Fire Restrictions in Effect for this Park
Please Note: During a campfire ban, smoking is restricted in all public areas of a park or protected area. Please read this Information Bulletin [PDF 79KB].
Activites and Facilities Available in this Park - Click icon to view
Activities Available at this Park
Facilities Available at this Park
Visitor Information
  • Do not approach the edge of the viewpoint as there are verticle drop-offs.

Sikanni Chief Falls Protected Areas

About This Park

The Protected Area contains the exceptional Sikanni Chief Falls. The grandeur and power of the 30 m falls, which can be heard from quite a distance, will amaze visitors to the area. A scenic vantage point provides visitors with a perfect view as the river cascades over a steep cliff surrounded by a lush coniferous forest. Besides scenic viewing, visitors can enjoy the hiking, photography, wildlife viewing, fishing and hunting.

Park Size: 606 hectares
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Location and Maps

Please note: Any maps listed are for information only – they may not represent legal boundaries and should not be used for navigation. Sikanni Chief Falls Protected Area is located 15 km west of the Alaska Highway approximately 200 km northwest of Fort St. John. Access is via a 4x4 gravel/dirt petroleum road. Watch for industrial traffic. A 1.5 km trail from this area leads to a viewpoint adjacent to the falls. The trail is well marked and is a hiking trail only. No ATVs.
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Nature and Culture

  • History: This protected area was first developed as a Forest Service recreation site, with a small campsite and trail to a viewpoint overlooking the falls. A reserve was placed around the area in 1973. It was listed as a Protected Area in the Fort St. John Land and Resource Management Plan in 1997.
  • Cultural Heritage: Sikanni Chief Falls Protected Area overlaps with traditional use areas of the Halfway River and Prophet River First Nations.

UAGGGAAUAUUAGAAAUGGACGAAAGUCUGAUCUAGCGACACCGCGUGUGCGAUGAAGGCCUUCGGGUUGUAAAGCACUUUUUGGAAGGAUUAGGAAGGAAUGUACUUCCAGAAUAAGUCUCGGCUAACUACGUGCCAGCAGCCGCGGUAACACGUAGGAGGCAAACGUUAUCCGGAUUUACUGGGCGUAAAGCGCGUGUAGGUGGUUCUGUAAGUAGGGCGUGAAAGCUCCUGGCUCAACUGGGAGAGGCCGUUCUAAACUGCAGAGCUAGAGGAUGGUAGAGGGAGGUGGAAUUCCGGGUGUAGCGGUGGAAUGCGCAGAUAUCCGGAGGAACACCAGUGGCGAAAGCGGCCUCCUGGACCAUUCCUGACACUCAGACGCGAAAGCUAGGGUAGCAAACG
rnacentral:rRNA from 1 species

• Conservation: The 606 hectare protected area contains a scenic waterfall and provides habitat for a small goat population, which live on the steep slopes above the river. The protected area also preserves a representative example of the Muskwa Foothills ecosection.
  • Wildlife: Visitors may see wildlife, as moose and deer frequently wander through the park. Keep a sharp eye out for mountain goat, which can be found along the steep banks of the river.
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Management Planning

Management Planning Information
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Activities Available at this Park

Fishing

Fishing

Anyone fishing or angling in British Columbia must have an appropriate licence.
Hiking

Hiking

The trail to the falls, begins at the parking lot. The trail is 1.5 km long and is well signed. For your own safety and the preservation of the park, obey posted signs and keep to designated trails. Shortcutting trails destroys plant life and soil structure.
Horseback Riding

Horseback Riding

There are opportunities for backcountry horseback riding. Riders should be experienced and prepared for wilderness travel, as there are no designated trails.
Hunting

Hunting

The park is open to hunting. All hunters to the area should refer to the current BC Hunting Regulation synopsis.
Pets on Leash

Pets on Leash

Pets/domestic animals must be on a leash at all times and are not allowed in beach areas or park buildings. You are responsible for their behaviour and must dispose of their excrement.Backcountry areas are not suitable for dogs or other pets due to wildlife issues and the potential for problems with bears.
Wildlife Viewing

Wildlife Viewing

There are opportunities for viewing wildlife such as goats, elk, moose, black bear and grizzly bear.